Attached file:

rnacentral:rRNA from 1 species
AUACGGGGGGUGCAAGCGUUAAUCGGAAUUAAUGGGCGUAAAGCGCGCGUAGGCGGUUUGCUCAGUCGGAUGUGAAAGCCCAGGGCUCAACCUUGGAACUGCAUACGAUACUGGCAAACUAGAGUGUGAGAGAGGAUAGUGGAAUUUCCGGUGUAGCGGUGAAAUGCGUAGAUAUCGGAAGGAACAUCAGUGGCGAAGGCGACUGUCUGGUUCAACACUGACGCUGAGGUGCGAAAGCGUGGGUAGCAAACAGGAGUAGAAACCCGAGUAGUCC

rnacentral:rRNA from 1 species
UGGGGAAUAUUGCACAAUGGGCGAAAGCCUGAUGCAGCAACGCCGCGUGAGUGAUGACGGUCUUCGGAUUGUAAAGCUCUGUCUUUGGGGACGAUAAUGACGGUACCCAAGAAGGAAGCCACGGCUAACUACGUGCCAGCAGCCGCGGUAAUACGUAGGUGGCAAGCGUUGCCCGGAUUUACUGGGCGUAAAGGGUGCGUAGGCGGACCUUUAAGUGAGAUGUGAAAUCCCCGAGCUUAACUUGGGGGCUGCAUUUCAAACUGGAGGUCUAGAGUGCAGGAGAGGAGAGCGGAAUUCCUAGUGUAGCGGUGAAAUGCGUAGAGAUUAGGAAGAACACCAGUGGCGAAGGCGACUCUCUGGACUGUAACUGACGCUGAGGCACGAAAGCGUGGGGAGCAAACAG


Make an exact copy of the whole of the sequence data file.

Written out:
rnacentral:rRNA from 1 species
AUACGGGGGGUGCAAGCGUUAAUCGGAAUUAAUGGGCGUAAAGCGCGCGUAGGCGGUUUGCUCAGUCGGAUGUGAAAGCCCAGGGCUCAACCUUGGAACUGCAUACGAUACUGGCAAACUAGAGUGUGAGAGAGGAUAGUGGAAUUUCCGGUGUAGCGGUGAAAUGCGUAGAUAUCGGAAGGAACAUCAGUGGCGAAGGCGACUGUCUGGUUCAACACUGACGCUGAGGUGCGAAAGCGUGGGUAGCAAACAGGAGUAGAAACCCGAGUAGUCC

rnacentral:rRNA from 1 species
UGGGGAAUAUUGCACAAUGGGCGAAAGCCUGAUGCAGCAACGCCGCGUGAGUGAUGACGGUCUUCGGAUUGUAAAGCUCUGUCUUUGGGGACGAUAAUGACGGUACCCAAGAAGGAAGCCACGGCUAACUACGUGCCAGCAGCCGCGGUAAUACGUAGGUGGCAAGCGUUGCCCGGAUUUACUGGGCGUAAAGGGUGCGUAGGCGGACCUUUAAGUGAGAUGUGAAAUCCCCGAGCUUAACUUGGGGGCUGCAUUUCAAACUGGAGGUCUAGAGUGCAGGAGAGGAGAGCGGAAUUCCUAGUGUAGCGGUGAAAUGCGUAGAGAUUAGGAAGAACACCAGUGGCGAAGGCGACUCUCUGGACUGUAACUGACGCUGAGGCACGAAAGCGUGGGGAGCAAACAG